At 26 Caledonian Road, N1 London, there was once a deli. There will be a deli again. In the meantime, there is space to be inhabited. Abandoned, to be reclaimed, a vessel for dreams, projections and plans of MAKING A HOME.
What makes a house a home? How can we identify ourselves in a space which is not our own, only a temporary roof, yet so full of what we used to be?
A group of artists, curated by Tatiana Delaunay and myself, took over Geddes Gallery with their own notions of the passage of time, formations of memory, and the trauma of renting on November 20th, 2015. We were questioning the relationship between a space and its inhabitants in the urban context, and more particularly in London metropolis, constantly changing.
For this exhibition, I created a choreographic/ performative piece called ‘instructions for the uninitiated performer in the intent of making a home’. It was inspired by the Happening instructions developed in the Fluxus movement of the 1960s, for example by Wolf Vostell or Allan Kaprow, and by Charlotte Spencer’s ‘Walking Stories’ and the exercise we devised on the Next Choreography programme in response to her piece (see Maria’s post below!)
Throughout the day, we gave out sheets of paper with these ‘instructions’ to the visitors of the gallery; it was intended to inspire them to go on a treasure hunt of sorts, look in places and corners of the rooms that they wouldn’t have otherwise, and discover new ideas about what it means to feel ‘at home’ in a space.
The Geddes gallery isn’t really a gallery. Not in the White Cube sense, anyway. It is an old house on the corner of Caledonian Road and Keystone Crescent, consisting of an eclectic collection of rooms: There is the entrance area, what used to be the storefront, lined with rows and rows of white shelves that formerly held an abundance of Italian treats; the back rooms on the ground floor, grimy, dim and somehow otherworldly, mainly used for storage in deli times; narrow, fragile staircases; a kitchen space with once-white tiles which, for some unapparent reason, has a shower crammed into one of its corners; two dilapidated bedrooms with flowery wallpaper and rock hard beds.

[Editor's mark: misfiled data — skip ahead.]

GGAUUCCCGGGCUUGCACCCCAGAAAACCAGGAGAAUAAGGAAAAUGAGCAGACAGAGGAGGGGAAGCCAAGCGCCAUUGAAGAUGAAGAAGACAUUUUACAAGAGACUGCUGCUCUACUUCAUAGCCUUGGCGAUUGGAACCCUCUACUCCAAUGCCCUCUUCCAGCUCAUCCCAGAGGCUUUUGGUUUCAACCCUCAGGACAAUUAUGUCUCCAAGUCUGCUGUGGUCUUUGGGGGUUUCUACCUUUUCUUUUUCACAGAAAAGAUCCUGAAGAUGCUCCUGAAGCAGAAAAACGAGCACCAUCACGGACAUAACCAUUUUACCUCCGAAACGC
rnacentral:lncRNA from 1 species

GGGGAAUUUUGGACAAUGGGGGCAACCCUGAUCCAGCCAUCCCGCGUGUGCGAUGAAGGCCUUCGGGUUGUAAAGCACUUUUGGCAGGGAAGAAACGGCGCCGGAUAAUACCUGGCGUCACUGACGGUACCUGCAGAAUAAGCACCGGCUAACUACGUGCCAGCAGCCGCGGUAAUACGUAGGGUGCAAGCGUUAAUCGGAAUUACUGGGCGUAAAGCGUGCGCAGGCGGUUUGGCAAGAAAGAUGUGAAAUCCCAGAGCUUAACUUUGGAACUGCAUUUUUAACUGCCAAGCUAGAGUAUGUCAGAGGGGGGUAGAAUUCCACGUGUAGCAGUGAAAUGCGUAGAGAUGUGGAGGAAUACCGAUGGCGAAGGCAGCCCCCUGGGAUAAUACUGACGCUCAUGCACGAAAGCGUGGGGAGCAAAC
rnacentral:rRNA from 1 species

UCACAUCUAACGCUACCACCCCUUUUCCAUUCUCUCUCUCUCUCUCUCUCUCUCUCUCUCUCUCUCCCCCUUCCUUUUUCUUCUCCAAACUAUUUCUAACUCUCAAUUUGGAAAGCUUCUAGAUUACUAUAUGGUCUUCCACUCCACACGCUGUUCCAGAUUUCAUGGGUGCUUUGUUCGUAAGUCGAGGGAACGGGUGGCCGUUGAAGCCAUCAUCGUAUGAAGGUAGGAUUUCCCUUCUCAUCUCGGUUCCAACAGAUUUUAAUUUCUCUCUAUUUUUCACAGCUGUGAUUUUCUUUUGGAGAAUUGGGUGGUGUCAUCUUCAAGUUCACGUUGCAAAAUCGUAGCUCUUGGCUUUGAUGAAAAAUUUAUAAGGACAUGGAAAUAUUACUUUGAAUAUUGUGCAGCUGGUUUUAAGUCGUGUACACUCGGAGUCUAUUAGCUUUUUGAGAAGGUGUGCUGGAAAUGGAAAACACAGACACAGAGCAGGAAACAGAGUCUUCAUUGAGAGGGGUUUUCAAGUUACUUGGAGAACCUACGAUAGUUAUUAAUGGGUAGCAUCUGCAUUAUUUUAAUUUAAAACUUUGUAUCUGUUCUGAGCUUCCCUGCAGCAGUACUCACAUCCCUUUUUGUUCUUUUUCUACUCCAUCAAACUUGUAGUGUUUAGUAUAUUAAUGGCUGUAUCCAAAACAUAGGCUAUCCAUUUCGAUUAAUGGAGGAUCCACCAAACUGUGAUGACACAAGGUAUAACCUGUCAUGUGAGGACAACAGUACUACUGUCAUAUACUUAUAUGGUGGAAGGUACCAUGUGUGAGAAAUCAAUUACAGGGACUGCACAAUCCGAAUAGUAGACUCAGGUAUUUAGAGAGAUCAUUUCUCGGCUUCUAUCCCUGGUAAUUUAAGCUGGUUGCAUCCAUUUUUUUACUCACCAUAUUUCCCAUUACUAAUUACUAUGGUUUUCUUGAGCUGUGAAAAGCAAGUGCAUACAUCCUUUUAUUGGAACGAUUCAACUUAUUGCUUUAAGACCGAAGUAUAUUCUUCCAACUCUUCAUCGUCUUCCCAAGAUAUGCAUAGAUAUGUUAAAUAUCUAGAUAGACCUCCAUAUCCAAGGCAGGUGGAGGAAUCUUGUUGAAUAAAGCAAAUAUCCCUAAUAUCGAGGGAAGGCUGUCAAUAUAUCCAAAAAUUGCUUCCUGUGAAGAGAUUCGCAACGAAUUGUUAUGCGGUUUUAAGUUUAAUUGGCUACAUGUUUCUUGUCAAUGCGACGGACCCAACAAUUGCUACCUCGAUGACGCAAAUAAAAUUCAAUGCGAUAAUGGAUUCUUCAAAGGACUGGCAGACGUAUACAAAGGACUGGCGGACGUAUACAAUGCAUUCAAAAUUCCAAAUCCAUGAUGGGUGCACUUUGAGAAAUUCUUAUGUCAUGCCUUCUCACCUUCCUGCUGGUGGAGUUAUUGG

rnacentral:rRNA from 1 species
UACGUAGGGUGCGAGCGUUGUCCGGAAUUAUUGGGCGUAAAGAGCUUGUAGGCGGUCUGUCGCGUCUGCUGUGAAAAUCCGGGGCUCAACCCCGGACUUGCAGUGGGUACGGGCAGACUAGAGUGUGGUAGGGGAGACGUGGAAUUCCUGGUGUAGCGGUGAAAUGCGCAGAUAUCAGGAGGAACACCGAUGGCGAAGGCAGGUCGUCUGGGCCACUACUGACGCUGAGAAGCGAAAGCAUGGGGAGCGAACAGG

When the shop owner retired after more than 40 years last summer, an array of sculptures and other artwork was found in the basement of 26 Caledonian Road – they belonged to artist Jim Geddes, a neighbour who had asked for them to be kept there. It was then decided that his art should be exhibited – and then curator Cornelia Marland got in touch with the landlord to arrange a series of exhibitions that will continue until March 2016, when the house will be renovated and become a deli once more.
Currently, though, this peculiar place, five minutes from busy and booming Kings Cross station, feels like a time capsule; when stumbled upon, it is an entirely unexpected and charming surprise.
With ‘instructions’ I wanted to recreate this sense of discovery and ambiguity for our audience. Tying into that agenda, our artists created installations and immersive spaces throughout the house, blurring the lines between fact and fiction by making it unclear what had been found and left in the rooms and what had been placed there by them. The instructions laid out for the visitor – ‘performers’ did not need to be followed step by step, or be taken literally at all – this was entirely up to them to decide. Ultimately, some of our visitors did spend many minutes going through every single of the suggested motions, understanding them as prescriptive; others seemed to think it was just a nice piece of writing, not for them to act upon; and then for some, it may have sparked one or two new ideas and helped them connect to the building.
It is worth mentioning that we also used ‘instructions’ as an input for improvisation when we devised the performances, the so-called ‘acts of inhabiting’, that took place during the evening on November 20th.
Making this piece was part of my current choreographic research: I am interested in daily bodily habits and our ways of navigating familiar and unknown architectures; I am experimenting with ways of documenting our quotidian ways of moving, for example by tracing, drawing maps, or using strategies of intervening/ interrupting habitual movements. The question of what happens when choreographer/ artist and audience enter into co-authorship of a piece is very interesting to me as well.